3) As I discussed at length on these other threads, IF Froome indeed has been chronically infected with the disease, as he seems to be claiming, the lowered hemoglobin should stimulate EPO synthesis and increase reticulocytes. Another effect that ought to be seen in the passport. As I speculated before, a chronic low level of these antigens could conceivably result in a more or less permanent elevation of EPO and retics. If he were then to be treated successfully, there might be a period when he had the advantage of this elevated EPO without ongoing inactivation of hemoglobin.

4) Should be noted that one of the posters, Patswana, claims to treat tropical diseases, and posted some useful information. Another poster, whose name I forget, said he had the disease, and was cured with a single treatment. Said the symptoms were relatively mild.
Point number 3 is really interesting but if i understand correctly would need a low level of active parasites in the body to work ?
Given what we know it seems to be relatively easy to rid the body of this thing altogether at first or second treatment.
If i'm thinking correctly the theory would need someone to be either reinfected or for the disease to be controlled with a lower dose of meds that alleviate symptoms but leave a low level of antigens?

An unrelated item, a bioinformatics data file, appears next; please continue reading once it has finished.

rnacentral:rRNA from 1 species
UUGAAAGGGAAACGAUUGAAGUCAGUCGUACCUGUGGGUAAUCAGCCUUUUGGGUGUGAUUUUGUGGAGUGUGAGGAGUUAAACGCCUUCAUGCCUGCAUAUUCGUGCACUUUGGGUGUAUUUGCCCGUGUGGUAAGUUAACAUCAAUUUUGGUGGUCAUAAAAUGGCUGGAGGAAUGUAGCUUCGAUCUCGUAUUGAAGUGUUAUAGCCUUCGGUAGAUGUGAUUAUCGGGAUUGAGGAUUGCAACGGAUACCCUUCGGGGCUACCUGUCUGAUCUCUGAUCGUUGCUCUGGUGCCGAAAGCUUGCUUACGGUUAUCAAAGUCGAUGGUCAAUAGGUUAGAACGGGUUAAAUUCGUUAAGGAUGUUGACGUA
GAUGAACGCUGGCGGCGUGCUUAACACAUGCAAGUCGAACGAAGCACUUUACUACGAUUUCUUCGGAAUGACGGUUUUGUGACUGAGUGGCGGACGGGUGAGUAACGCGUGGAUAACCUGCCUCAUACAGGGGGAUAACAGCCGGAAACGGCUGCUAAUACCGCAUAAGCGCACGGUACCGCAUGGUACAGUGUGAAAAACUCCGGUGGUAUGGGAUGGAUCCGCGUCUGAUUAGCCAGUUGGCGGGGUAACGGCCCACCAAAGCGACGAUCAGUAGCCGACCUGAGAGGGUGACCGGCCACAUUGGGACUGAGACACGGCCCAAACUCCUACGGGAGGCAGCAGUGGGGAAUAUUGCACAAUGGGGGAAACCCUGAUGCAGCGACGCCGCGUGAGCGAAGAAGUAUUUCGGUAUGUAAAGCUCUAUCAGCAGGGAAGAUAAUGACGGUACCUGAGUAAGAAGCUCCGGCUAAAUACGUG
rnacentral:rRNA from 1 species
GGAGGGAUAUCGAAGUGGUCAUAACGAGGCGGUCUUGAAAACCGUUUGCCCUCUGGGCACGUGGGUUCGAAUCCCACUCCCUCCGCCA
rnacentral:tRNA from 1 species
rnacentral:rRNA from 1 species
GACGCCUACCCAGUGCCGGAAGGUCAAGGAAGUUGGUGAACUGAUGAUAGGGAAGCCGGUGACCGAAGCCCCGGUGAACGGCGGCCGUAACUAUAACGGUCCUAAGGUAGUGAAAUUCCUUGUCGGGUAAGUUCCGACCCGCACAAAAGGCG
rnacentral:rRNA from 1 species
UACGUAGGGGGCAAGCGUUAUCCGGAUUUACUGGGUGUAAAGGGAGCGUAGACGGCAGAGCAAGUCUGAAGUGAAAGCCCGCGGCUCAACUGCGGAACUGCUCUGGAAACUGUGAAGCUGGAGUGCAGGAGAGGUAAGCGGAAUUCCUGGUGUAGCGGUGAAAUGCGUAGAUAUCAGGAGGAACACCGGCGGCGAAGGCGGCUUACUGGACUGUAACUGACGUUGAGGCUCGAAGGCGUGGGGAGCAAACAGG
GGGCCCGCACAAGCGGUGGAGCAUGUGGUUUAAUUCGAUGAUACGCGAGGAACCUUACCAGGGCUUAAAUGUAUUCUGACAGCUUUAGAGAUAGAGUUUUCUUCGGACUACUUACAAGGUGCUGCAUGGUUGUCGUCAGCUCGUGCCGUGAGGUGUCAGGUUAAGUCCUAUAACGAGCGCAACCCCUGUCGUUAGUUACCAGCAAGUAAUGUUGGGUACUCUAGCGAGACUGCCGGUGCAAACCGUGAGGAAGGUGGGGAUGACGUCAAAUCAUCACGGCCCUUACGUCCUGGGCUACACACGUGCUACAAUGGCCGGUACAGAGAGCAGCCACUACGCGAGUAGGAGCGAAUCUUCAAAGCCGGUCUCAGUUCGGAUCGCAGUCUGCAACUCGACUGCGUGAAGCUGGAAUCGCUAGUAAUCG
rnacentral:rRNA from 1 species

Jul 16, 2013
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Dazed and Confused said:
but Jahudor, how much are your prepared to pay for such a package, if we can correct the poor motor control as well?
Haha - I was just refering to Froome whose training methods might very well fit in with your training program (although you might consider adding 'sleeping on volcanos'). Froome isn't exactly known for his elegant style on the bike...
 
Jul 16, 2013
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Stradebianche said:
Point number 3 is really interesting but if i understand correctly would need a low level of active parasites in the body to work ?
Given what we know it seems to be relatively easy to rid the body of this thing altogether at first or second treatment.
If i'm thinking correctly the theory would need someone to be either reinfected or for the disease to be controlled with a lower dose of meds that alleviate symptoms but leave a low level of antigens?